During the winter when most climbers are not pursuing peaks, I like to break out my skis and go exploring new possibilities. In the winter of 2015/2016, I decided to look at a nice little cluster of SPS peaks in Yosemite National Park that I deemed most reachable from Badger Pass. When planning such a mini-week long solo expedition, it's nice to try to keep the weight down, but once you start piling on the crampons, ice axe, cold weather gear, skis and boots one's pack can get heavy, which meant I wasn't going to be setting any speed or distance records.
My initial goal was to ski down to and across Illilouette Creek to set up a base camp for exploring. Well this was not a very big snow year, so the snow bridges weren't as sturdy as I would have liked and after breaking through and sinking up to one knee on my left leg and one boot on my right, I decided to make camp without crossing to try to dry my boots and pants out. By morning the pants were frozen stiff, so I didn't exactly bolt right up at 6:30 a.m. as it wasn't even light yet. But I finally got moving up-stream looking for a better snow bridge around mid-morning and was able to make it across and set up an excellent base camp for Starr King.
The next day I got off to what I considered an early start with just a day pack to check out the snow that I expected to see on the north side of the 5th class rated Mt. Starr King. The snowpack was nicely consolidated; so, I was able to make good time and saw that the snow went up as far as I could see. The terrain steepened quickly and before long I was taking off my skis and putting on my crampons and breaking out my ice axe. The view looking up was steep but probably do-able if the snow remained as snow and not ice. The angle of the snow surface was consistently 45 degrees and greater. The exposure was intimidating to me as I knew that if a crampon didn't hold I would be destined to be a pin ball headed straight to a forest that wasn't going to let me get through without some serious collisions. Keeping my focus on my immediate vicinity with occasional stops to hyperventilate, when I stepped into some soft pockets near the top where there was a hint of a cornice in that it was the final and steepest section before I would feel at ease. The summit is a large, nearly flat dome with an easy walk to a conspicuous high point. Seeing the bolted down custom aluminum register wasn't what I expected but pleased to see. The weather was clear and the views were as spectacular as they can get. Yosemite Falls was gushing at maximum water volume. Half Dome, which was my first Sierra peak in 1967 and on which I spent the night to watch the fireball be pushed off Glacier Point, dominated the view of the Valley. Mounts Clark, Gray and Red stood higher to the East with snow all around.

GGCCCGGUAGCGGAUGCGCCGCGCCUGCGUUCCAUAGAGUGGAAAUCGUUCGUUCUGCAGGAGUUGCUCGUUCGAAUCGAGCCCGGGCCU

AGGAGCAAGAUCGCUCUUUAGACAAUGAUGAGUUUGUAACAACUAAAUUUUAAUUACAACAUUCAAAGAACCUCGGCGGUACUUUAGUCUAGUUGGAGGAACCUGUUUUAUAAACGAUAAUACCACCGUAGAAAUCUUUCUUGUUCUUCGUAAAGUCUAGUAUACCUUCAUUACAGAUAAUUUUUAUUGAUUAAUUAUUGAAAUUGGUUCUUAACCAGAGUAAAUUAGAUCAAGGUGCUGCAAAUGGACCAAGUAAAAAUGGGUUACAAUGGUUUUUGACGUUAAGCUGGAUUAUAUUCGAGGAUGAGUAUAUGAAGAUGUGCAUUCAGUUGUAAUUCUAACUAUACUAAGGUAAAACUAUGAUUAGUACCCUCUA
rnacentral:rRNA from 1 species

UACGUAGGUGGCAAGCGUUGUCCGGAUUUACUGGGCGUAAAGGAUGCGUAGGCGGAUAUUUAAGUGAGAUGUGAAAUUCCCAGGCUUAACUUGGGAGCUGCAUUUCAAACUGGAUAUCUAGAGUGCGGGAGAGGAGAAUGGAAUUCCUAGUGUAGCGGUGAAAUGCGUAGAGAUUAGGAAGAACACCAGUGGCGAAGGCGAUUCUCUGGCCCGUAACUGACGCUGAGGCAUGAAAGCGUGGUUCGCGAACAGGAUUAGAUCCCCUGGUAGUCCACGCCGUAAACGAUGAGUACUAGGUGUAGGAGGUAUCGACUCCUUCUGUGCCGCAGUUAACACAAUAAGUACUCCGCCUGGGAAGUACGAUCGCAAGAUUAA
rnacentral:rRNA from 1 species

I was on the summit for about 45 minutes, taking in much of the grandure all around, then decided to begin my down climb facing into the mountain for about 90 % of the way down. At the bottom, I switched from crampons to skis and enjoyed such an exceptional ski down that I overshot my camp and wound up having to do the climb back up well past sunset. After a good night's rest, it was time to move camp higher, which was an all-day effort. The following day was spent exploring the North Arete of Mount Clark. I got within 100 to 200 vertical feet of the summit and was stopped by clear water ice that I wasn't prepared to deal with. The views from my high point were again spectacular. The ski back to camp was on virtual ego snow and led straight to camp this time.
For the next day, I set my site on Mount Gray and was making decent progress on the West Ridge as the wind picked up, clouds came in, and snow began to fall. I looked at my overall situation and decided I would have to try Gray again at some other time. The weather looked like it was going to show me its wintery side and my best option was to head back to camp.
During the night, I got about a foot of new snow and was at my turn around time for the trip; so, I headed back over the next couple of days, wrapping up time well spent exploring Yosemite's back country during winter.
Epilogue on that cluster of mountains that I went to explore: The following summer, I went back into the same area solo and added Gray, Merced, Red and Clark Mountains to my list of completed SPS Peaks.